The head of the Knesset’s Constitution, Law, and Justice Committee is reportedly putting together his own version of Justice Minister Yariv Levin’s far-reaching judicial overhaul plans in an effort to ensure their swift passage into law.
According to a Tuesday Channel 12 report, the proposals being drawn up by MK Simcha Rothman of the far-right Religious Zionism party will eventually be presented to lawmakers for a vote, not those that Levin has drafted. The network did not attribute the information to a source.
Levin, the No. 2 in Prime Minister Benjamin Netanyahu’s Likud party, earlier this month revealed a planned shakeup of Israel’s judicial system that would significantly curb the High Court’s judicial review powers, allow the Knesset to re-legislate laws that are struck down, eliminate the court’s ability to evaluate the “reasonableness” of government decisions, and give politicians full control over the selection of judges.
The ruling right-religious coalition is also advancing a bill to reduce the authority of ministry legal advisers.
The television report said Rothman wants to put forward his own bill for two key reasons, the first being “to bypass” Attorney General Gali Baharav-Miara’s request for two months to formulate a legal opinion on Levin’s proposals, which could delay the votes until the Knesset’s summer session.
Rothman was said to instead want an expedited legislative process of a month and a half. To achieve this, Rothman would apparently introduce the judicial changes in a private member’s bill, which unlike a government-backed measure would not be first reviewed by the attorney general.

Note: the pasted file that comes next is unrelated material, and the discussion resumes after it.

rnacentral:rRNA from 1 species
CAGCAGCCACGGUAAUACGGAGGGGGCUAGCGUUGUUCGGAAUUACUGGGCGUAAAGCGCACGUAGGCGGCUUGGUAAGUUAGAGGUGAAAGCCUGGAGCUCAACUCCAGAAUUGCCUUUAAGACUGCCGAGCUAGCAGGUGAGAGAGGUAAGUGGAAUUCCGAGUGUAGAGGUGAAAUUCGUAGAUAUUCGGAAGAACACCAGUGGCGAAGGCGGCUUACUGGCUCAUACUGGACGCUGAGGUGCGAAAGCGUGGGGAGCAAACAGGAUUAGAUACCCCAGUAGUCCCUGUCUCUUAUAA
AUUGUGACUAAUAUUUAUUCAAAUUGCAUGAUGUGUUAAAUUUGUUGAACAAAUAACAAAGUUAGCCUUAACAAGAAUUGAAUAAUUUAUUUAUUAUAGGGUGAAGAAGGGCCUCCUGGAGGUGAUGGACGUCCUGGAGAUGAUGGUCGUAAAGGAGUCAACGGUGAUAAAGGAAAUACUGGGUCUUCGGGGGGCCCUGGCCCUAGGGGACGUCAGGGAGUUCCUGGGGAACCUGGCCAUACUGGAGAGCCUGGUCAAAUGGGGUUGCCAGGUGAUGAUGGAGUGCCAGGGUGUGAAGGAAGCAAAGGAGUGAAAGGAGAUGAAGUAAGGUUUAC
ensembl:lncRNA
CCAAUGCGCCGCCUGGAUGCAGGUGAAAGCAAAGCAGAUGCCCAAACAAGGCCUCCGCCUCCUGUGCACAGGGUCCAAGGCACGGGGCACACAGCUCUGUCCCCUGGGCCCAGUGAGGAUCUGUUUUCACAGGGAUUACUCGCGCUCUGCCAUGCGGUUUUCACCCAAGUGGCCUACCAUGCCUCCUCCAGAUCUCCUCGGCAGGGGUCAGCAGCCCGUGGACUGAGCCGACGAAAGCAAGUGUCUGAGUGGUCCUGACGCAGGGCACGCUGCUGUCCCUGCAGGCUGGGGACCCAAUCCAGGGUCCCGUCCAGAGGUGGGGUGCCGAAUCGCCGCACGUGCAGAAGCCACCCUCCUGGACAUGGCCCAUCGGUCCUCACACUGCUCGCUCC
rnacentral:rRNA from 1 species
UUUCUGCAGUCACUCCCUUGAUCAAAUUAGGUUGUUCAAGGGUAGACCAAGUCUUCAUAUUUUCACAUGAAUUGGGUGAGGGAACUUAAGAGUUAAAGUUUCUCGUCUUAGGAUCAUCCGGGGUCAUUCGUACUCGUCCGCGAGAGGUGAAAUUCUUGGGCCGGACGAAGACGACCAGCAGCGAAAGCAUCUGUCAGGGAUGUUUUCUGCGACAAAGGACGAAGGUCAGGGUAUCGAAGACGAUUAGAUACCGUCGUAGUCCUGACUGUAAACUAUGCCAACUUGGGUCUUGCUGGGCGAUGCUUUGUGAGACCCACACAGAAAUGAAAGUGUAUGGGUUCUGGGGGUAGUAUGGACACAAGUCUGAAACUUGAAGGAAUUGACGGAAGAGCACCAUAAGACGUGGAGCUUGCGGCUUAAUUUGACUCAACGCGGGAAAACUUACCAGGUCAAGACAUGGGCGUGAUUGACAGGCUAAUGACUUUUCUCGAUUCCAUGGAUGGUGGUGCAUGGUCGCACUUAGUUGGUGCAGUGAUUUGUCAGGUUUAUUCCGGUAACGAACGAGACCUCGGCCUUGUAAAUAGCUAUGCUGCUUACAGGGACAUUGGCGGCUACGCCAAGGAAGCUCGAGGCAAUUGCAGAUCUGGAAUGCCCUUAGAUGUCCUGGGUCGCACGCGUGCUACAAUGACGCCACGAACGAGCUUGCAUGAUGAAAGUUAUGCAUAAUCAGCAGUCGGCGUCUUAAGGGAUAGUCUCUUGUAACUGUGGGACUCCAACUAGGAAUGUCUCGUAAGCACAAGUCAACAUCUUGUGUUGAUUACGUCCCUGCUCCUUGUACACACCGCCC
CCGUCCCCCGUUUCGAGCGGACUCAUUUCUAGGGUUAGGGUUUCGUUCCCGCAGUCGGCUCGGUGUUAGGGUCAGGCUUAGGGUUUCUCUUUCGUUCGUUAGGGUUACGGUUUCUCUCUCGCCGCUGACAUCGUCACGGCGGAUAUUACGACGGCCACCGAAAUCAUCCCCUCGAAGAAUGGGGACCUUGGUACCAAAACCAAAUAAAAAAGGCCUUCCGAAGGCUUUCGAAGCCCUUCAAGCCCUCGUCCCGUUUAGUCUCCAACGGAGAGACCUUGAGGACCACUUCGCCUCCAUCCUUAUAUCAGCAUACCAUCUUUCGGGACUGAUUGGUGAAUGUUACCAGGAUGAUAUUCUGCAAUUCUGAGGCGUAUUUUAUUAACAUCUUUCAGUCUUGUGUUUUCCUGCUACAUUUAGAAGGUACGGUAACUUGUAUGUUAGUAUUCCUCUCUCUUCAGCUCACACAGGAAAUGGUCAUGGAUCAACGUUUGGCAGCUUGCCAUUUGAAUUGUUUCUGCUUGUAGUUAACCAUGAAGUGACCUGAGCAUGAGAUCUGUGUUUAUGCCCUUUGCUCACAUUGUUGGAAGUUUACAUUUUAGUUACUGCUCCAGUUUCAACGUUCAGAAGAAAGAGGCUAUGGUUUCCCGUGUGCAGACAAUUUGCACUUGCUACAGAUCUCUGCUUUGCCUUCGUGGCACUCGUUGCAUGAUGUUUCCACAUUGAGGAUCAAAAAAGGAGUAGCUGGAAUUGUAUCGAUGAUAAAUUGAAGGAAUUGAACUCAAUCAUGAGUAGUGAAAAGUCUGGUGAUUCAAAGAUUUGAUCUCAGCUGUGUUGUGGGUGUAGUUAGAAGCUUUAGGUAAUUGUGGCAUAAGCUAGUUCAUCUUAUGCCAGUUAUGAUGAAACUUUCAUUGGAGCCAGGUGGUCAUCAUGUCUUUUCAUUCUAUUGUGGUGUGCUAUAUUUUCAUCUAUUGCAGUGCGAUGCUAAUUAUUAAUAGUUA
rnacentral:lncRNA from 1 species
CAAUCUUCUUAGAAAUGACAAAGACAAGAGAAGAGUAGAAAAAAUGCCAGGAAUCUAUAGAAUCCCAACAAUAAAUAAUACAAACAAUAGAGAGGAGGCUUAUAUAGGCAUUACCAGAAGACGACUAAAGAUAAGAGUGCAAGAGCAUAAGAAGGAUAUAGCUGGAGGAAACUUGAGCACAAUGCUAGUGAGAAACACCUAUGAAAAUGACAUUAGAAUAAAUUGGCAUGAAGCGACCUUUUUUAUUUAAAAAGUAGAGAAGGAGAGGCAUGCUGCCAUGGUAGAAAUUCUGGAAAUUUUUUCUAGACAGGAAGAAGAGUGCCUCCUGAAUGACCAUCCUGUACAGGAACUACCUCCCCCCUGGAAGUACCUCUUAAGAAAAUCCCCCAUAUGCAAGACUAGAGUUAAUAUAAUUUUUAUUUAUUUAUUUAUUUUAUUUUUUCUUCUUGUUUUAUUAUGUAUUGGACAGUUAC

Channel 12 also said Rothman was working on his own proposals in order to introduce minor changes to Levin’s framework, though the two are expected to be mostly identical.
According to the report, Rothman will adopt a softer stance against the “reasonableness” standard that would prevent judges from using it to invalidate decisions made by the prime minister or other elected representatives, rather than junking it altogether.
He is also likely to float a different makeup for the Judicial Appointments Committee, though a majority of spots on the panel would still go to coalition politicians.
Rothman will also reportedly back even tighter curbs on the ability of the High Court of Justice to overturn laws and government decisions. Unlike Levin, who has proposed requiring a majority of at least 12 out of 15 High Court justices to strike down laws, the report said Rothman’s bill will require unanimous consent among the judges.
Levin has additionally introduced an “override clause” that would allow 61 of the Knesset’s 120 members to reverse High Court rulings.
Rothman, Levin and Netanyahu have backed the reforms as necessary to rebalance power between an activist judiciary and the people’s elected representatives. Baharav-Miara, Supreme Court President Esther Hayut, and political opposition leaders have attacked the reforms as destructive to democracy and dangerous to civil liberties.
On Saturday evening, an estimated 100,000 Israelis took to the streets in Tel Aviv, Jerusalem, and Haifa to protest the government’s judicial reform plan. A counter-protest in support of the plan is being planned for later this week.